Last week wasn’t the first time I’d read Titus 3, of course. For some reason, verse 10 had never jumped out at me before. But as I read it last week, I practically stubbed my toe on it. I couldn’t possibly glide past it. Few verses in the New Testament are so harsh: “Warn divisive people once, and then warn them a second time. After that, have nothing to do with them.” It is not the only abrupt directive in the Epistles. (Note I Corinthians 5:5 for example, a shocking verse by anyone’s standard.) But Titus 3:10 is one of the rare almost intolerant verses of the New Testament.
Paul had left Titus on the island of Crete. The church in Crete was fairly new, and Titus was given the responsibility of establishing church structure and getting the church to function smoothly. So Paul had much practical advice to offer Titus in this small book. Many verses describe what manner of person is desirable for leadership. In chapter three, however, Paul makes a comment about all the people of the church, not only the leaders. If a person is causing disunion within the church he should be warned (presumably by the pastor, since this advice is directed to Titus) that such behavior is unacceptable. If he does not stop his behavior, he is to be warned again, perhaps more sternly. But after the third offense, there is no more need for tolerance. For as the next verse says, “such people are warped and sinful; they are self-condemned.” The divisive person ties the knot on his own noose.
All of us know what this is about. All of us have experienced divisive people within our churches. There are those who will rant and rave over the wallpaper someone hung in the nursery because it isn’t the wallpaper they would have chosen. There are those who boycott Bible study because it is held at Fred’s house instead of Sam’s. Some folk even thwart the very mission of the church because they do not approve of the youth pastor’s approach, or the officer’s sermons, or the corps council’s latest decision. And while some aren’t quite that brazen, they chip away at the church’s mission by their constant disapproval over the small issues. They injure people’s feelings and hurt the general morale. And these divisive people are not silent; oh no! They whisper their opinions to others in the foyer; they share their views with other soldiers over lunch, they engage in long phone calls, seeking allies in their discontent.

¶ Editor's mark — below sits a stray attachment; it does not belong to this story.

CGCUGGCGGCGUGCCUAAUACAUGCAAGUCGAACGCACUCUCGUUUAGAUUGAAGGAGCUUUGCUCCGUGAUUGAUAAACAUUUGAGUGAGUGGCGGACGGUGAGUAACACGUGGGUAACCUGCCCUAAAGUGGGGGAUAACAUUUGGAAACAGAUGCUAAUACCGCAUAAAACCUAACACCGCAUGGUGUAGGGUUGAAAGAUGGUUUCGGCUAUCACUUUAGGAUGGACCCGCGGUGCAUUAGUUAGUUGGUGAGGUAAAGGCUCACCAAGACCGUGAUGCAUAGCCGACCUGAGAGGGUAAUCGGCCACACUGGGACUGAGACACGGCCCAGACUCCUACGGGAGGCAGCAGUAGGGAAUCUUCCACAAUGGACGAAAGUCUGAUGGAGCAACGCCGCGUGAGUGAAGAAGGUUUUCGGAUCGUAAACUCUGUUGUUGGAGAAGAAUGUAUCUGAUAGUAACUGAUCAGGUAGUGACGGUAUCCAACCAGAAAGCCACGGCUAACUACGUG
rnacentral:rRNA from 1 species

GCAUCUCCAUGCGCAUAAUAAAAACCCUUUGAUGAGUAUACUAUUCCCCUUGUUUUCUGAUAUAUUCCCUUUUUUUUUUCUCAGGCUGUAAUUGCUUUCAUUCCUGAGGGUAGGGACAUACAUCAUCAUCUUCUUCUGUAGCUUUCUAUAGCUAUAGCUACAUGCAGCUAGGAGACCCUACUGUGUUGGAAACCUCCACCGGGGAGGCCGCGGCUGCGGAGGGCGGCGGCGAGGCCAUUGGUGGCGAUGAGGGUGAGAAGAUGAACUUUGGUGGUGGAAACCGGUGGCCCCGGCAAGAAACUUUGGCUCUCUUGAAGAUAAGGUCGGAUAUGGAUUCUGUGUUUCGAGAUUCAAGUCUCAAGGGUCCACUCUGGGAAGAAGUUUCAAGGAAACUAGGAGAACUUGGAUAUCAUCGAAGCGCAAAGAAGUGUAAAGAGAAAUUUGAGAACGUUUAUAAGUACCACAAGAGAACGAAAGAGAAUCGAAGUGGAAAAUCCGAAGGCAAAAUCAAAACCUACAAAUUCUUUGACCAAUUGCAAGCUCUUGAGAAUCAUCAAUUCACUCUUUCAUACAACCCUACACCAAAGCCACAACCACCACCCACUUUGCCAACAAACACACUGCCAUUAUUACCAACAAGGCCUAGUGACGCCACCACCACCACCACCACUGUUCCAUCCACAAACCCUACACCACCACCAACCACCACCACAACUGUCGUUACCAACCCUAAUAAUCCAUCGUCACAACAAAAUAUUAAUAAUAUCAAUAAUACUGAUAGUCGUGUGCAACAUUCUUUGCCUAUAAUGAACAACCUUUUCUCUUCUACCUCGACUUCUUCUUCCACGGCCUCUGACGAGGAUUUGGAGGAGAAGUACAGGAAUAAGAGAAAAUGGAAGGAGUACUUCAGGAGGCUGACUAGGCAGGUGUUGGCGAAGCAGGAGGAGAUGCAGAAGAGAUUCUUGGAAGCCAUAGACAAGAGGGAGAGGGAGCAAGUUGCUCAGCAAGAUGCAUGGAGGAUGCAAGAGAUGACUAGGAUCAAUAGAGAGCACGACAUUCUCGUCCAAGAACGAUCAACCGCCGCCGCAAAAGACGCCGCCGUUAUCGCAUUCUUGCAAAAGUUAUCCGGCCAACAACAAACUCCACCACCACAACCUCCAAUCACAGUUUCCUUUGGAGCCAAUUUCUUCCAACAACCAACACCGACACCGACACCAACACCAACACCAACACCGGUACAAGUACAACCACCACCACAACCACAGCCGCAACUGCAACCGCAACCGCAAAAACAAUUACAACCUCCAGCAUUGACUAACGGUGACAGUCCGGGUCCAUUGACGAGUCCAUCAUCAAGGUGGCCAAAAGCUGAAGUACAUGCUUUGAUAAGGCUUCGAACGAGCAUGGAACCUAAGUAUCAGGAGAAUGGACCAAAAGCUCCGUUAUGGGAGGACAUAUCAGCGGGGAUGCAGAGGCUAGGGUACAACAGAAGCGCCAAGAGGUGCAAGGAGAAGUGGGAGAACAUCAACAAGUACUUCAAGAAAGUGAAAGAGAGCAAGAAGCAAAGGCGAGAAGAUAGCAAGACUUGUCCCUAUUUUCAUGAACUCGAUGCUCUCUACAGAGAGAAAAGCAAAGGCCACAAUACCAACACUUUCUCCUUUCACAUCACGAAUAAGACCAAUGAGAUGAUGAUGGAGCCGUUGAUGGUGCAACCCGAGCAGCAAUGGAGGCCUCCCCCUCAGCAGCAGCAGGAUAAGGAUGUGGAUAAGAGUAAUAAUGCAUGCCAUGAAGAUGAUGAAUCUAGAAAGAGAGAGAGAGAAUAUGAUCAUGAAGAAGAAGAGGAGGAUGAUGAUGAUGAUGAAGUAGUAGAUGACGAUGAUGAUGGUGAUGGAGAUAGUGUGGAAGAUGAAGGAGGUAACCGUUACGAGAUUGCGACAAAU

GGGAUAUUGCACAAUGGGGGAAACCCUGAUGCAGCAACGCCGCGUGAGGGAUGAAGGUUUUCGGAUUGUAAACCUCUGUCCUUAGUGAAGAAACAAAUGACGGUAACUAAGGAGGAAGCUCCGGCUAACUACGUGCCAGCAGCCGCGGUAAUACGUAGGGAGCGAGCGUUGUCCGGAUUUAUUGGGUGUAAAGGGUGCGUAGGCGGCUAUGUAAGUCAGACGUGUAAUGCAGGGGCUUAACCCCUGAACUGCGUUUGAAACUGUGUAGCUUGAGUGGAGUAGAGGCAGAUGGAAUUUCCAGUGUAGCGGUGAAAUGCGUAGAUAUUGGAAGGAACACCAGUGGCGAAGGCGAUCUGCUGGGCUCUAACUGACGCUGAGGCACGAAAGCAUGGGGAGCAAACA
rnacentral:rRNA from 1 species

It seems to me that a divisive spirit is often fueled by arrogance. The malcontent says, “Only my way is the right way. I shouldn’t have to compromise.” She does not consider the idea that God gives good ideas to others, too. The malcontent says, “My ideas are inspired by God it all came to me while I was in prayer.” She will not admit to herself that her idea may have been self-initiated, and she merely sought God’s stamp of approval. The malcontent says, “The other person’s motives are self-serving. Why can’t he do things my way, for the good of everybody?” This is perhaps the most inexcusable indictment that comes from the heart of the divisive person. Judging someone’s motives simply because one does not agree with that person’s ideas or methods is bitterly cruel. (And the person who would point such a finger should frequently be pointing at himself.)
To be honest, I’m really glad that Titus 3:10 is in Scripture. What relief to know that we have the right no, the duty to confront troublemakers, and to cut them loose when they will not cooperate! I only wish most of us had the courage to obey this verse. Ironically, we often do the complete opposite! We have a tendency to cater to the people who create disharmony. Sometimes we do it because our corps is so small, we don’t want to lose anyone. Sometimes we do it because trying to keep everyone happy seems the Christian thing to do. But clearly, it isn’t. God wants officers and other pastors to put their foot down. In so doing, the entire congregation and the goals of the church are protected.
Dear reader, I would be remiss if I did not pose this question: could you be the divisive one in your church? Do you ever lean in that direction? If you see any such tendency within yourself, I implore you to fall in line with the mission and the practices of your church, to support and love your officers and other leaders, and to simply abide the hideous new upholstery on the pews. If you cannot, I must wonder if you are in the church where God wants you.